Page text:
“Simulink and xPC Target give us an enormous cost savings. What we are designing and testing now would have cost 100 times more without MathWorks tools for Model-Based Design.”
Jaap Overschie, Pacifica Group Technologies
With brake-by-wire technology, we may soon be driving cars that decelerate automatically in hazardous situations, such as skidding on wet roads. Part of a larger trend in the automotive industry, brake-by-wire technology replaces mechanical linkages with electric signals, thereby reducing manufacturing costs and environmental concerns associated with hydraulic brakes. To date, however, implementing this technology has required building and testing costly and labor-intensive hardware prototypes.
Pacifica Group Technologies (PGT), the R&D arm of Pacifica Group Limited, has bundled their resources into RABiT, a Victorian State Government–supported collaborative venture for advanced by-wire research. PGT used Simulink® and xPC Target™ to design and test an innovative brake-by-wire system, greatly reducing their dependence on physical prototypes.
“With the progress we are making in this area, it is very likely we will be buying future cars with brake-by-wire technology features, and it wouldn’t be happening without MathWorks tools,” says Jaap Overschie, senior control systems design engineer at PGT.
To preserve driver safety, brake-by-wire systems must be thoroughly reliable and fault-tolerant. PGT needed a way to test their technology under a broad range of driving conditions, and in the context of the entire vehicle system.
“Designing and testing brake-by-wire technology requires a scalable, integrated environment in which each part aligns with all other mechanisms of the vehicle,” says Overschie. “Our challenge is to match the physical model of the new brake components with a real vehicle, and calibrate the model to identify any irregularities.”
PGT faced intense global competition in developing these production-ready systems, so they needed a more cost-effective and faster way to test the system than traditional approaches. Typically, engineers developed a physical prototype and tested it in the field with real vehicles. After every test run, they adjusted or rebuilt the prototype, then tested it on the road again. This method was too costly and caused long delays.
Moreover, purchasing and customizing a commercial off-the-shelf simulator with proprietary hardware and software would cost several hundred thousand dollars.
Instead of relying on conventional field testing approaches or expensive vehicle simulators, PGT designed, prototyped, and tested their brake-by-wire systems with MathWorks tools for Model-Based Design. They used Simulink for modeling, simulation, and analysis, and xPC Target for hardware-in-the-loop testing.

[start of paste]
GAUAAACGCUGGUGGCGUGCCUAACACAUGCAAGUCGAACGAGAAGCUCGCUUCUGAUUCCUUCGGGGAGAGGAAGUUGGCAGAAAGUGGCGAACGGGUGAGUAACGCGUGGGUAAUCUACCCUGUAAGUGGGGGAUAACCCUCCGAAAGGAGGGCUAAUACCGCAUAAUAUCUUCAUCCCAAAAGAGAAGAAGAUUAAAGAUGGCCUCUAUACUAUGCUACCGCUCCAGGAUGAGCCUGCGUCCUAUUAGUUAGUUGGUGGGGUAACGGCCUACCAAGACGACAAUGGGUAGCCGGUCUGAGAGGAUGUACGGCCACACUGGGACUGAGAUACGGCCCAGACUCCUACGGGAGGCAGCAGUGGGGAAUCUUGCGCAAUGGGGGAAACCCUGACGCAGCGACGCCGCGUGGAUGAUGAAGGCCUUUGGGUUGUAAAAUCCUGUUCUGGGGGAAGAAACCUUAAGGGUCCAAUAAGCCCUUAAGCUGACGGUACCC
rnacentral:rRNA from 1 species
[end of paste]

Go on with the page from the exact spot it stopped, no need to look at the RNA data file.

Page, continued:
“We chose MathWorks products because they enable us to simulate and test every aspect of the brake system operation,” says Overschie. “If we can simulate it, we can control it in real time.”
PGT used Simulink to design a vehicle dynamics model that simulates vehicle response to the brake-by-wire products that they are developing. PGT used Simulink Coder™ to automatically generate C code that they ran on standard, low-cost personal computers with xPC Target. They used the PCs to simulate all vehicle components in real time by running hardware-in-the-loop simulations with xPC Target.
“Using xPC Target is a very cost-effective way to test the internal software for model coverage, and external real-world influences through scenario testing,” explains Overschie. “Conducting tests outside of such an environment is complicated, dangerous, and expensive.”
If the tests run well, simulated components, such as a front right wheel, will be replaced with real components. They are integrated with the remaining simulated components through a real-time data link for hardware-in-the-loop testing. PGT can simulate the effect of a wheel hitting a curb, for instance, and the reaction of the real electromechanical brake.
PGT uses Optimization Toolbox™ and Global Optimization Toolbox to automatically optimize and calibrate the design parameters of the new braking system. They evaluate these parameters on a real car, and then bring results back into MATLAB® to further test and optimize a new set of parameters.
After rapid prototyping and verification, the team uses Embedded Coder® to transfer the desktop simulation into production C code for their ECU.
General Motors (GM) has incorporated PGT’s brake-by-wire technology into the Sequel, a fuel cell car that debuted at the 2001 North American International Auto Show. GM says that the Sequel’s state-of-the-art, by-wire systems will offer better control and more responsiveness than a conventional vehicle by slowing vehicles from 60 to 0 MPH in one car length, a stopping distance about 5 meters shorter than conventional hydraulic brakes can achieve.
Design an innovative brake-by-wire system without building and testing costly hardware prototypes
Use Simulink and xPC Target to design, prototype, and rigorously test a safety-critical brake-by-wire system for aggressive production schedules